part. So, we’ll also use the output of the FT232R’s LDO
voltage regulator to drive the FT232R’s I/O pins at 3. 3 volt
logic levels via the VCCIO power input pin.
In reality, the FT232R’s active-low RESET pin is
internally pulled up and can be left disconnected. The
datasheet gives us the option to tie the RESET pin logically
high or control it with an external device such as a
microcontroller. There are no microcontroller I/O pins
available to us in this situation. So, to play it safe and
avoid any possibility of a spurious reset, we’ll physically
connect the FT232R’s RESET pin to VBUS.
The Vinculum-II’s debug interface is a single-wire
bidirectional data pipe. To adapt the FT232R’s two-wire
TXD/RXD serial interface to the Vinculum-II’s single-wire
debug interface, we’ll multiplex the TXD and RXD signals
using a 74LVC2G241 dual three-state buffer. The data flow
direction on the Vinculum-II interface is controlled by one
of the FT232R’s programmable CBUS I/O pins (CBUS4).
The CBUS I/O configuration is retained within the bit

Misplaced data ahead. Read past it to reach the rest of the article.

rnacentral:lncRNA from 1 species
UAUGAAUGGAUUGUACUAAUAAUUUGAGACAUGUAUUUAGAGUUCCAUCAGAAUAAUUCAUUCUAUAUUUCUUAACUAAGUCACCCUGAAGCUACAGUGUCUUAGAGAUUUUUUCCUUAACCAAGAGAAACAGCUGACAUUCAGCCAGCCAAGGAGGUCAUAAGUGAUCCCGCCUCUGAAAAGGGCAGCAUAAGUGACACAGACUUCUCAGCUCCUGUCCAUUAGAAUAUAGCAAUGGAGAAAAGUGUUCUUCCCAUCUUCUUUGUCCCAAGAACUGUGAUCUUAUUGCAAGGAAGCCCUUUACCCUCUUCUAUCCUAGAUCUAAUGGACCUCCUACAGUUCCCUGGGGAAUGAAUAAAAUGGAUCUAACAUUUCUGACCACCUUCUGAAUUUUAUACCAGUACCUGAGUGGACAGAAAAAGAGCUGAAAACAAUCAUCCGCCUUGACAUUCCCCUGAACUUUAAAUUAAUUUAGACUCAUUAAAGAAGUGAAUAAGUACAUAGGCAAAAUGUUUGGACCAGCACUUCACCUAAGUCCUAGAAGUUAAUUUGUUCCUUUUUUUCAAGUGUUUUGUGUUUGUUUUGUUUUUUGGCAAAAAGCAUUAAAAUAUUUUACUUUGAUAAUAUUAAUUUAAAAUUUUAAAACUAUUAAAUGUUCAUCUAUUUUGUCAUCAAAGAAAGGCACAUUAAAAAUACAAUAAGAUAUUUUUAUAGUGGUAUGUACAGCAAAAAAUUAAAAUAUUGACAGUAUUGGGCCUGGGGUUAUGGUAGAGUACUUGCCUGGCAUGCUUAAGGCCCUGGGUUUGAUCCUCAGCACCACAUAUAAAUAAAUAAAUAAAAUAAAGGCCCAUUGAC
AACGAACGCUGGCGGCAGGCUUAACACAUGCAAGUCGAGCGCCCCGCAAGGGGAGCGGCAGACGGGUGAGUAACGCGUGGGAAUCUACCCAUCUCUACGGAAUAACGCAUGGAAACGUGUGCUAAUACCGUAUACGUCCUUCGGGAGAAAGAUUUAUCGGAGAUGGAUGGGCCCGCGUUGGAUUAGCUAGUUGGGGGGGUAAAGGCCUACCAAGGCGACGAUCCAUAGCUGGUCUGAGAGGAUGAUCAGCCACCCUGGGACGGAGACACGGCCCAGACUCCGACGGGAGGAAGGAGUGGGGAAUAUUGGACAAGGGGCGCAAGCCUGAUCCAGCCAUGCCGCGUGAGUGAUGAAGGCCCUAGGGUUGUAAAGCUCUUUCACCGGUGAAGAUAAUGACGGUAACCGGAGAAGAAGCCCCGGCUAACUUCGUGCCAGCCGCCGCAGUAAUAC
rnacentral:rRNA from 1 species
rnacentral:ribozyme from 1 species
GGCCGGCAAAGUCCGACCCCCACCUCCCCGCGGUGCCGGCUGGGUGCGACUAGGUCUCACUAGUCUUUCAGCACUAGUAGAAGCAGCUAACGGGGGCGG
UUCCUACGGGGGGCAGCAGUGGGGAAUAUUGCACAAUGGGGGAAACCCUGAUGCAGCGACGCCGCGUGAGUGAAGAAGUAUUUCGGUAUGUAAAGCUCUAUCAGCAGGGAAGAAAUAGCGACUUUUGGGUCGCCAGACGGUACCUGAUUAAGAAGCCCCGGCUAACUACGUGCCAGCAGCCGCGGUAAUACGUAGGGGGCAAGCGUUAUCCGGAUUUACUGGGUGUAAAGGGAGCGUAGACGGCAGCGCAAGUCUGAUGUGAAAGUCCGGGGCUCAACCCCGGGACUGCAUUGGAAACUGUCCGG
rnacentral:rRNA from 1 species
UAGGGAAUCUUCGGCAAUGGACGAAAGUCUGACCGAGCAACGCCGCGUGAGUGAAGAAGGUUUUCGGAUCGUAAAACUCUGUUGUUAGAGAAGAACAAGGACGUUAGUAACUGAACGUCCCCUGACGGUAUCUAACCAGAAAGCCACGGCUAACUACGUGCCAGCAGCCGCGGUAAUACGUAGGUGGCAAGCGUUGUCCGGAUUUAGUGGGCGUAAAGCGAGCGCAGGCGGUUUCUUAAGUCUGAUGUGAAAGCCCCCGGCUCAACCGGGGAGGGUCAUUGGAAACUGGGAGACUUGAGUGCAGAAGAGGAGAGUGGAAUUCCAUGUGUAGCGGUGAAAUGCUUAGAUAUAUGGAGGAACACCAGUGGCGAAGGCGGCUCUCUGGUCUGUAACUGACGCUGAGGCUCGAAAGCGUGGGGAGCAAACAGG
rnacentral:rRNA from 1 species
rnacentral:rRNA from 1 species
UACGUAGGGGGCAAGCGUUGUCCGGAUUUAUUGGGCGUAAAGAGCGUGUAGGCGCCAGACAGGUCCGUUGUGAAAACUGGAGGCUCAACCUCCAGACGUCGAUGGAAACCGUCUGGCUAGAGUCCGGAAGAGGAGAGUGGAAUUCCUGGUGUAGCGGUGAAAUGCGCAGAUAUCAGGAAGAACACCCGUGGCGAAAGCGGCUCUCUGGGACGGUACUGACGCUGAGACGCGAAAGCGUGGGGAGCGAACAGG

structure of the FT232R’s internal 1024-bit EEPROM.
However, we can view and change the CBUS I/O
configuration using the FTDI FT_Prog Utility which (like
most other FTDI tools) is a free download. With the help
of this Utility, let’s see if we can make some educated
guesses as to how the CBUS I/O is configured for the
Vinculum-II debug interface application.
CBUS0 is a configurable I/O pin that defaults to an
active-low TXLED# output signal. The "#" character
denotes an active-low FT232R or Vinculum-II signal. In its
default mode, this signal pulses logically low for
transmission events. According to our debug interface
layout, CBUS0 is configured as TXRXLED#. As you can see
in Screenshot 1, TXRXLED# is termed TX & RXLED# in the
FT_Prog Utility and causes CBUS0 to pulse logically low
and blink the TX/RX LED at every TXD or RXD bit that
■ FIGURE 1. Once again, a picture is worth a thousand
words. This is a block diagram of the FT232R’s system cells.